Fifth Recall Reveals Known Contamination at Raw Pet Food Plant
A Washington-based raw pet food company is issuing its fifth product recall since 2016 due to possible pathogenic contamination.
Arrow Reliance Inc. (dba Darwin’s Natural Pet Products) has issued a voluntary recall of various meat and organic vegetable meals because they may contain either Salmonella or Escherichia coli O128. As this latest series of recalls is being widely circulated in the media, it is also being reported that the manufacturer was well aware of Salmonella contamination at the plant, according to Food Safety News.
Previous inspections from 2017 reportedly cite more than 300 customer complaints involving ill pets, and also pet deaths after consuming products made by Darwin’s. The inspection records also prove numerous food safety violations at the facility.
Furthermore, inspection records appear to show that leadership at the Darwin’s plant knew of the contamination. There were instances of Salmonella found on equipment and thermometer verification logs failures, for example, but no records of corrective action were mentioned or located.
Inspection records also indicate that between January 2017 and December 2017, 332 customer complaints were logged. These complaints were due to a variety of problems—foreign material contamination (hair net material, metal, pebbles, plastic, rubber bands), product spoilage, package leaks, and sick and dying pets.
Food Safety News was also able to dig up a laundry list of violations cited in Darwins’ inspection reports:
- In addition to reporting on Darwin’s records, investigators recorded the following general “objectionable” conditions:
- Failure to conduct operations under cGMPs (current Good Manufacturing Practices);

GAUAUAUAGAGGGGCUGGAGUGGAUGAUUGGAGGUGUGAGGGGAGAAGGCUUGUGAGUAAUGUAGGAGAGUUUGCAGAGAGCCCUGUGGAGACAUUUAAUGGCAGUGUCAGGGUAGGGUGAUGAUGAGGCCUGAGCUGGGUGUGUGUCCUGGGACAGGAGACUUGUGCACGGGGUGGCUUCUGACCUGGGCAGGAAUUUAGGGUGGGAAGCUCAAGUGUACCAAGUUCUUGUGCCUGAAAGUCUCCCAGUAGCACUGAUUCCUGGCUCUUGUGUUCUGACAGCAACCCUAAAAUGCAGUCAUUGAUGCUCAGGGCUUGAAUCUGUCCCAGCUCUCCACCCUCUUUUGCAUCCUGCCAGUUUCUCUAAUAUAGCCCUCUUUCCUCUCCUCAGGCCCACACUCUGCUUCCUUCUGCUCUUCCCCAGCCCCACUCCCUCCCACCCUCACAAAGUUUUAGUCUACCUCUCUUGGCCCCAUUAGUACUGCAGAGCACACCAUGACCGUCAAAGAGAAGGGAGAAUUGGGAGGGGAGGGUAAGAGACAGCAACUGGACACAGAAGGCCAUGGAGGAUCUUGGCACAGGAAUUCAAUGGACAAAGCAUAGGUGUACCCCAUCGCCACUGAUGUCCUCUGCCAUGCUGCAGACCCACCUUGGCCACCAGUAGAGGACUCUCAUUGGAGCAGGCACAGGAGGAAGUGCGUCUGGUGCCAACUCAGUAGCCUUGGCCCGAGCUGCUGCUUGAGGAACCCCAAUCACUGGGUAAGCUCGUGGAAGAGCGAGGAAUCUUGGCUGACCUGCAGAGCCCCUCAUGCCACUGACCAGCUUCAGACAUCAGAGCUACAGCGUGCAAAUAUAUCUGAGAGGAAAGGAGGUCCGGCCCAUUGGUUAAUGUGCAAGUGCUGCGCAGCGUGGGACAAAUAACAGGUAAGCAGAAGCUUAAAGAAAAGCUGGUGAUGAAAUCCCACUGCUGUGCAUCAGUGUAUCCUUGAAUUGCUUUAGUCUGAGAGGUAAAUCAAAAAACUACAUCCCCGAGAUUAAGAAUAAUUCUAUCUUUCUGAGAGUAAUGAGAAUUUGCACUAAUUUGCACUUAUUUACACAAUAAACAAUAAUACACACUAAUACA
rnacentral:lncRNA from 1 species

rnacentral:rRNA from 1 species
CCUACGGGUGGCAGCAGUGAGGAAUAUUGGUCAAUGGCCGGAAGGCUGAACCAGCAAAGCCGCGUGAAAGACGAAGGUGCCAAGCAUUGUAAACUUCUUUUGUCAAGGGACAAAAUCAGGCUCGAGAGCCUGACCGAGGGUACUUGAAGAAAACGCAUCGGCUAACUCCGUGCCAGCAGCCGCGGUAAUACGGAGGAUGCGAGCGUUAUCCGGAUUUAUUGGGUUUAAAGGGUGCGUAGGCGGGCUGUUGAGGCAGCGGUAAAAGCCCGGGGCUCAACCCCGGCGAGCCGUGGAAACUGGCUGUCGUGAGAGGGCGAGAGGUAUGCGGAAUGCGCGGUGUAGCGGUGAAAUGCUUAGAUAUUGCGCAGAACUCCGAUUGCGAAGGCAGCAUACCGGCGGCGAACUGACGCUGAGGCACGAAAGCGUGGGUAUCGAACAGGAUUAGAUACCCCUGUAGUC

- Raw materials were not thawed under conditions that would minimize the potential for growth of undesirable pathogens;
- Animal food contact surfaces not made of appropriate materials or maintained to protect animal food from becoming contaminated; and
- Equipment and utensils not used appropriately to avoid adulteration of animal food with contaminants.
Inspectors also cited the following specifics in their report:
- A mallet with raw meat material on it was on a rack used to store sanitized equipment in the sanitizing room;
- 4-wheeled hand cart with two shelves covered with wet cardboard containing raw meat. Cart was touching a food preparation surface. Buckets used to carry and mix micro ingredients and phage preparation stored on the cart. Cart handle was broken and surface appeared to not be cleanable;
- Dirty tool from processing floor placed on top of sanitized yellow pallet;
- Food preparation table grooved and not cleanable;
- Flashing between wall and floor and behind prep table was damaged and contained meat debris;
- Employee observed breaking down dirty cardboard boxes with gloved hands and returning to processing floor without changing gloves or sanitizing;
- Freezer box “B” had bloody and rusted metal racks; bloody floors and boxes storing frozen meat; organic material behind racks;
- Cooler box “A” had bloody boxes of meat and vegetables stored on metal racks and pallets with organic material behind racks;
- Cardboard boxes containing raw meat were observed leaking and dripping blood onto boxes stored below and onto adjacent boxes, pallets and metal racks;
- Wooden pallets and metal racks not maintained or designed to be cleaned in a manner that protects ingredients against contamination;
- Fork lift was observed moving from the receiving/loading dock, over the packing floor, through Box A and into the raw product prepping room;
- Employees were wearing dirty boots in sanitation room and on process floor;
- Damaged wall in preparation room;
- Cement floor under hoses chipped and broken away. An approximately 12-inch x 12-inch hole was observed in first layer of cement;
- Employee pocket knife observed on food contact service;
- Door stops and upright pillar stops pitted and rusted;
- Slider door between prep room and temping room rusted and dirty; and
- Recycled wooden pallets noted in processing area at end of packing line.
Despite the records, the owner and president of Darwin’s—Gary Tashjian—told inspectors that he had not received any specific complaints of E. coli, Listeria or Salmonella poisoning from consumers. In order for Darwin’s to issue a recall, Tashjian contended that a complainant would need to provide positive test results from a veterinarian, then the company would test for contamination in the product that the ill pet consumed. If the test resulted in a positive, then a recall would be initiated, hypothetically.
Darwins’ raw pet foods are sold exclusively to customers via a subscription service.